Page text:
More than $42.5 million in public money annually goes to fund the NEH’s overhead costs. Much of the remaining money goes to state and local humanities projects, as well as the hundreds of grants to fund trips, courses, research projects, stipends and other giveaways.
The NEH did not make anyone available for comment. Bro Adams, chairman of the NEH, defended the agency recently, arguing that NEH “plays an enormously important role in the civic and cultural life of the country,”
Butler University in Indianapolis received almost $22,000 for a class that “explores the diverse functions of comedy.” Another $22,000 went to underwrite the development of a new freshman-level course at the University of Central Arkansas about the pursuit of self-knowledge.
Those are two of 20 examples of “Enduring Questions” grants currently funded with as much as $38,000 so colleges can invent new classes to cram into college catalogs.
One of the NEH’s most controversial recent projects, a 2013 grant to Boston’s Suffolk University to allow first-year students to contemplate the meaning of life, was also funded with a $25,000 “Enduring Questions” grant. After that grant became public, Sen. Jeff Sessions, Alabama Republican, wrote a letter to the agency, questioning the “appropriateness” of many NEH grants “in the current fiscal environment.”
Mr. Adams, in response, said, “I am convinced that this kind of study is not merely defensible but critical to our national welfare.”
A year after Mr. Sessions brought to light issues surrounding NEH spending, little has changed. This fiscal year, the agency is budgeted to spend just as much as it did last year.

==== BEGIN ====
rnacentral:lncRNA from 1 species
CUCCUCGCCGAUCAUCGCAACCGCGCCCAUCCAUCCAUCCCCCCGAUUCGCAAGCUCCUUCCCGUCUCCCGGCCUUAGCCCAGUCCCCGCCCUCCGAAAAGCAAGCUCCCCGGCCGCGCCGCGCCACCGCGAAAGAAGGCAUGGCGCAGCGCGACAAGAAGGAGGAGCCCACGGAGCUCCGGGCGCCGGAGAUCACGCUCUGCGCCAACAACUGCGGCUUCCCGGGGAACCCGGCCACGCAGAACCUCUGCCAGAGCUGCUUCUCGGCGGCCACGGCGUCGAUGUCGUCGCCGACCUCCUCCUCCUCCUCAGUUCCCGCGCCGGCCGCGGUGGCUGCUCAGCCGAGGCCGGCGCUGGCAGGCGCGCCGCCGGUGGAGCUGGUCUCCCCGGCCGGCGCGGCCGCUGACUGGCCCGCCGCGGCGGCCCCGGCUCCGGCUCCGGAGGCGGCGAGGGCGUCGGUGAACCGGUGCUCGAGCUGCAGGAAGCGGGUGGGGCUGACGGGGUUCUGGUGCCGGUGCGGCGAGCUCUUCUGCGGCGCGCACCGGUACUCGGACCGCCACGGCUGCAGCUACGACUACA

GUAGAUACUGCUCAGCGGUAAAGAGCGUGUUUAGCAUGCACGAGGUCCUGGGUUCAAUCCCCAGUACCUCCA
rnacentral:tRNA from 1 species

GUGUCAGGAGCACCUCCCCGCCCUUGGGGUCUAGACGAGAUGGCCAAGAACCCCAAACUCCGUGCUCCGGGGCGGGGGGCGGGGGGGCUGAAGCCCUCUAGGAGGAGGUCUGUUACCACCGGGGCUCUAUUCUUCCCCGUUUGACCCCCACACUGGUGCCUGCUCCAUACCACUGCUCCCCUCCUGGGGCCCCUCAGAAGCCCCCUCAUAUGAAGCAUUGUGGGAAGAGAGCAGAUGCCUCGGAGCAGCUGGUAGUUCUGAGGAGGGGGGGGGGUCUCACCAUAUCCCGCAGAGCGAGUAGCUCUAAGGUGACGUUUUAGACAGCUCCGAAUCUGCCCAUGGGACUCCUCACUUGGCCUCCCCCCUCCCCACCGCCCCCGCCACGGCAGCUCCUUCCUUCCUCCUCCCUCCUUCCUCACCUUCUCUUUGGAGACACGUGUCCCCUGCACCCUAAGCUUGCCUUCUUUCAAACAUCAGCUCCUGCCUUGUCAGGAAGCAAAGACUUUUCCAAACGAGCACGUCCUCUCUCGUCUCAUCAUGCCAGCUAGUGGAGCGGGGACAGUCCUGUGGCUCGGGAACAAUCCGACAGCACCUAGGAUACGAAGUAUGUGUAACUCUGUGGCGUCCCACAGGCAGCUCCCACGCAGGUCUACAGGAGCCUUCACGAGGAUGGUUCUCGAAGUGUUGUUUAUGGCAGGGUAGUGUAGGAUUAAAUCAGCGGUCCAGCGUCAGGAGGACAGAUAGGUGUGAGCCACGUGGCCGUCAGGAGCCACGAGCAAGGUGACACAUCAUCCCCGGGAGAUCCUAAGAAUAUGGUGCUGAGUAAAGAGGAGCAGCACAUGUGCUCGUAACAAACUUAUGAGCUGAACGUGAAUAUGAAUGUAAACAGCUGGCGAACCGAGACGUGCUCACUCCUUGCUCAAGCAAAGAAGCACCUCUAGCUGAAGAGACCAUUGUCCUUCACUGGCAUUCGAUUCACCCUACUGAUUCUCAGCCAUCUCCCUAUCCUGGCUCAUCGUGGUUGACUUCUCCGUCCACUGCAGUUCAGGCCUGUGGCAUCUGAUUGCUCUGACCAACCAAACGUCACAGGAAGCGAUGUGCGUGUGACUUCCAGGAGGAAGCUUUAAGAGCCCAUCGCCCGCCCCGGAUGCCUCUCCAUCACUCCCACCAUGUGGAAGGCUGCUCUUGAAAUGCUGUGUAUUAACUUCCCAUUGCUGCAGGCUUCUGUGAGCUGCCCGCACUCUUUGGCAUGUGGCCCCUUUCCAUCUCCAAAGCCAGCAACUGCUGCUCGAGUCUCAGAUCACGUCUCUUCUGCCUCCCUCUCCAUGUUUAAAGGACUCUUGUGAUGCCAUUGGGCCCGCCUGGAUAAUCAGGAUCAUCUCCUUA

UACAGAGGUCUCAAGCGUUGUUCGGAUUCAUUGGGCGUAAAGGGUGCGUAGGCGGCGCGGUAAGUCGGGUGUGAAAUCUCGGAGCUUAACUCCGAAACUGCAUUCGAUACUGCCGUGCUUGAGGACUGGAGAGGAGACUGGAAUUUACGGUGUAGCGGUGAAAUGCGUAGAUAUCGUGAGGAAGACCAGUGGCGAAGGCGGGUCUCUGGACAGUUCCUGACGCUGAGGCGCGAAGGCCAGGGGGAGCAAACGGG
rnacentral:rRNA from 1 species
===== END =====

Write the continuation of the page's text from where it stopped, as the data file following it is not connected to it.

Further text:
Additional examples of grants funded this year through the agency include: $50,000 to George Mason University so faculty members can bone up on the transnational history of Argentine popular music in the 20th century; $38,000 to Penn State to learn about polar exploration and Anglo-American print culture between 1818-1914; $6,000 to Northern Arizona University for a project about magic and medicine in 18th century Yucatan; $6,000 to Arkansas State University to research the aesthetics of pocket maps in Renaissance Britain; and $6,000 to Loyola University in Maryland to study modernist women’s poetry and “the problem of sentimentality.”
American taxpayers even funded several grants that were given to researchers outside of the United States to study non-American projects, including $50,000 to a Canadian scholar to explore the concept of the “uncanny” in 20th Century Austrian-German thought, and another $50,000 to a professor in Ireland to analyze the meaning and importance of novelty in 14th century European music.
Efforts to shut down the Endowment show no signs of stopping in Congress. In July, Rep. Matt Salmon introduced yet another bill prohibiting federal tax dollars from funding the NEH.
“In light of our astronomical debt, burdening the U.S. with these thoughtless [NEH] projects is insulting,” said the Arizona Republican. “Just one of these programs is outrageous enough, but to think that we have spent hundreds of millions of dollars supporting projects most Americans would find frivolous at best is offensive.”
Mr. Salmon invited the agency to continue its work as a privately funded nonprofit rather than a taxpayer-funded agency.
If public funding to the agency ended, Mr. Salmon remarked, the NEH would be “free to pursue private funding for any programs it wishes.”